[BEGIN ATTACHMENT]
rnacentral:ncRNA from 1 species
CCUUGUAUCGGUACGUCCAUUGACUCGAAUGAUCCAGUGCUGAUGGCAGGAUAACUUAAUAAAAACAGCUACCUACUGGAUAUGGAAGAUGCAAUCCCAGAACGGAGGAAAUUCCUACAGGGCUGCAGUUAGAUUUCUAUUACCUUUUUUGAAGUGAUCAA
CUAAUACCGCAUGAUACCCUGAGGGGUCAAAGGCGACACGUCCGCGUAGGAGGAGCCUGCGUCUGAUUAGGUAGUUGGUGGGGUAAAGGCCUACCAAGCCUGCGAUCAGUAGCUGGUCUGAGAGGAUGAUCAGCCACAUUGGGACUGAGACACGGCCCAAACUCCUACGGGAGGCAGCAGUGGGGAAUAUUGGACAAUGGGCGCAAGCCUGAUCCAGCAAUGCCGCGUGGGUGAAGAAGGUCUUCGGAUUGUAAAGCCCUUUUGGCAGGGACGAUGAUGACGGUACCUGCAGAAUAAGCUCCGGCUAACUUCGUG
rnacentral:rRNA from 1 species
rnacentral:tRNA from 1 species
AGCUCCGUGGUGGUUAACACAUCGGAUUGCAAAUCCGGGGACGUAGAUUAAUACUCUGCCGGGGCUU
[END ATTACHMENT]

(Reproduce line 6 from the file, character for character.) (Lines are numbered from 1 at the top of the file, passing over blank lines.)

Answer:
AGCUCCGUGGUGGUUAACACAUCGGAUUGCAAAUCCGGGGACGUAGAUUAAUACUCUGCCGGGGCUU